By Lenie Lectura – November 4, 2016
from Business Mirror
The Department of Energy (DOE) is now looking at other options to boost the country’s power supply following President Duterte’s pronouncement that no nuclear power plant would be put up during his six-year term.
“We are always looking for options available. We have been saying from the beginning that all options would be explored, without any bias, because that’s our job,” Energy Secretary Alfonso G. Cusi said. Annual electricity demand in the country is expected to rise by an average 5 percent until 2030.
As Chief Executive, Cusi said President Duterte is considered as a “master planner” and an “architect” of the country.
“There are other things he is considering. I still have to ask him about that,” Cusi added.
In August the energy secretary was quoted as saying that he is not against nuclear power. “As energy secretary, it is my duty to study all options to ensure a secure power supply for the coming generation,” he said.
Industry stakeholders earlier visited the Bataan Nuclear Power Plant to assess if the 40-year-old mothballed plant can still be revived. The facility was never used when construction was finished in 1984.
Cusi stressed the need for the country to identify base-load power sources. Coal, he said, is one. “Nuclear can be included in the long term.” “At the moment, we have three base-load power sources. These are coal, geothermal and gas. Sometimes, hydro comes in. For nuclear, maybe it can be under the long-term plan. We are looking at this,” he said.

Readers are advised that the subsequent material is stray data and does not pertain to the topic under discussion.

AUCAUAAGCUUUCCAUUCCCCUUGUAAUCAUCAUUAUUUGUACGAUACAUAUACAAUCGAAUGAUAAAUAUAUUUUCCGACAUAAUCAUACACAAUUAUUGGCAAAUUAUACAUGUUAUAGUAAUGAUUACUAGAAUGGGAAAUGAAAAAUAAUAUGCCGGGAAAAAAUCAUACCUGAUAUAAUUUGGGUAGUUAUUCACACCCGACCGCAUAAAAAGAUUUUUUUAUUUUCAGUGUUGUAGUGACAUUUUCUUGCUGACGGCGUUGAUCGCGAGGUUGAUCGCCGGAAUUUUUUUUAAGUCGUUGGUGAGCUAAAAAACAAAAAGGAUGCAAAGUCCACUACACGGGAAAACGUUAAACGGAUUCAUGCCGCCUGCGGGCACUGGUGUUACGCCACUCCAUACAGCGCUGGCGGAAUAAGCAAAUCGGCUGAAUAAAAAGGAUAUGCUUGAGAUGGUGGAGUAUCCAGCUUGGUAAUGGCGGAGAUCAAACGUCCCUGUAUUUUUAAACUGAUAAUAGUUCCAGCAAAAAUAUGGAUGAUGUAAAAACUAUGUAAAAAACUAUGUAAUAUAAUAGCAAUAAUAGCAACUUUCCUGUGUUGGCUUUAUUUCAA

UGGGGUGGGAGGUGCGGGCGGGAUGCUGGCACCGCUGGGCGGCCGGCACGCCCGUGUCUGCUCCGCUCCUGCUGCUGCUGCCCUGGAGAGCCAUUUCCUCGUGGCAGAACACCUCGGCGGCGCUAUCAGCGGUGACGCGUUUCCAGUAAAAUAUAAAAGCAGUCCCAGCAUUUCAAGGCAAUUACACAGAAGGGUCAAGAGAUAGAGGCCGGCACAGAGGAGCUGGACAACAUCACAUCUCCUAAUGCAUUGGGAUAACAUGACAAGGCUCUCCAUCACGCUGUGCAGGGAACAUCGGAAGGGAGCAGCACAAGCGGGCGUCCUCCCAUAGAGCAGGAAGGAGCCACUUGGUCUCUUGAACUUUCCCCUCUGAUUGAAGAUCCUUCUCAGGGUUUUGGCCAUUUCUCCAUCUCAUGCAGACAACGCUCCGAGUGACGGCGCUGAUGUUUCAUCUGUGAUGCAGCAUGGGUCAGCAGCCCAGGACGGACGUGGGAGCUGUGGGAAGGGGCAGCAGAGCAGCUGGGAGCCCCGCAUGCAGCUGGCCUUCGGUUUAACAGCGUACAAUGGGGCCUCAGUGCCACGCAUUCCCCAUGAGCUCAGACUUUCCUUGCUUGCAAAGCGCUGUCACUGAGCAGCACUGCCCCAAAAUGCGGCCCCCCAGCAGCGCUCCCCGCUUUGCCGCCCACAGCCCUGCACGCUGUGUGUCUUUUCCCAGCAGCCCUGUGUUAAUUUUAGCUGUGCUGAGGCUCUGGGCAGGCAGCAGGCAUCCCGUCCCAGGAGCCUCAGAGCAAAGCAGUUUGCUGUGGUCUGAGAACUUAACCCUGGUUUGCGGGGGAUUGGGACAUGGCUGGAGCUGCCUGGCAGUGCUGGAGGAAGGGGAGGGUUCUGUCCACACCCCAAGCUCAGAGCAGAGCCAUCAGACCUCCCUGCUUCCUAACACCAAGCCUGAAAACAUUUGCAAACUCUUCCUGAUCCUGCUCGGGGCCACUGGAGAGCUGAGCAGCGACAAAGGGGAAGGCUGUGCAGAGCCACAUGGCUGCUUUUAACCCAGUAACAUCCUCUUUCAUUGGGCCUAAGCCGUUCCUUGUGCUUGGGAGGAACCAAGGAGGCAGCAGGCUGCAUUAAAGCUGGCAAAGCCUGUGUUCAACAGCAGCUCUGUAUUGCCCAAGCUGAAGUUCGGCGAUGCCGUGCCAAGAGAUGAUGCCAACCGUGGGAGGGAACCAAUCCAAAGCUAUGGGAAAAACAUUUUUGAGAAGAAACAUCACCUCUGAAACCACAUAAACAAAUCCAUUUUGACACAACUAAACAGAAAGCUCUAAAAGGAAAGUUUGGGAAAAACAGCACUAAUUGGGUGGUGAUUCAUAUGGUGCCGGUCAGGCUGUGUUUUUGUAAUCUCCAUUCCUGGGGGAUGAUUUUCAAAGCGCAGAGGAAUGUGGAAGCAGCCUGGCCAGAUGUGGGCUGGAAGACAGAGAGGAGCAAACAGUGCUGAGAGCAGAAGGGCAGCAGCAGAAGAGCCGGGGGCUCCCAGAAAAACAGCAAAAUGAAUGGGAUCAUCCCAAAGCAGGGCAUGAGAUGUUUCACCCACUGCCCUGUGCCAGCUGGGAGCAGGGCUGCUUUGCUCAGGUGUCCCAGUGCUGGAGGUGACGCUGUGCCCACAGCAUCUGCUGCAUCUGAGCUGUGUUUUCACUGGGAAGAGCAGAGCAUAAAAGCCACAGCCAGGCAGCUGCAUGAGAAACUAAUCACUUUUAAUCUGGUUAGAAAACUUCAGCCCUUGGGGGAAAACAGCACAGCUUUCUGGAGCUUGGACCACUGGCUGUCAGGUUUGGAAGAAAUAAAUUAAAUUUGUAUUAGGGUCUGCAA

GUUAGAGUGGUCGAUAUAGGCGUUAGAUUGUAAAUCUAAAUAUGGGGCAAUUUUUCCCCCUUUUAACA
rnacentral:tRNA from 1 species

The country’s power-generation mix as of end of 2015 is composed of 45-percent coal, 25-percent renewable, 23 percent natural gas and 7-percent oil. On the other hand, 2015 installed capacity mix is made up of 66-percent fossil fuels, 15 percent of which is in natural gas.
“Right now, nuclear energy is zero,” Cusi said. “We have to search for proper energy mix that would secure power supply in the future. Kailangan natin ’yung [We need] energy supply not coming from one basket, hindi lang pwede [not] from coal, gas, or from oil. Kailangan magkaroon tayo ng [We need to have the] proper combination.”
Duterte, citing safety concerns, said it’s unlikely that the country will adopt nuclear energy during his six-year term, because of safety concerns. The President said nuclear energy remains an important option in the future, but the Philippines needs to undertake a study and put “really tight safeguards” in place.
“Not, maybe, during my presidency…. Not now, because we have to come up with safeguards, really, really tight safeguards, to assure that there will be no disasters if there is a nuclear leak or explosion,” Duterte said late Tuesday in response to a reporter’s question about his view of nuclear energy.
Proponents argue that nuclear energy would lessen the country’s dependence on dirty fossil fuels and help the economy take off. Critics, however, are concerned about safety in a country crisscrossed by seismic fault lines with a history of destructive earthquakes.
Construction of the Philippines’s first nuclear power plant began in 1977, under the late strongman former President Ferdinand Marcos in Bataan province, about 80 kilometers west of Manila. The plant was completed in 1985, but in early 1986 then-President Corazon Aquino ordered it mothballed because of safety concerns and allegations that its builder, Westinghouse Electric Corp., had bribed Marcos through a local businessman to win the contract. The plant was allegedly constructed near a fault line and a dormant volcano.
The plant cost the government more than $2 billion, considerably increasing the country’s foreign debt.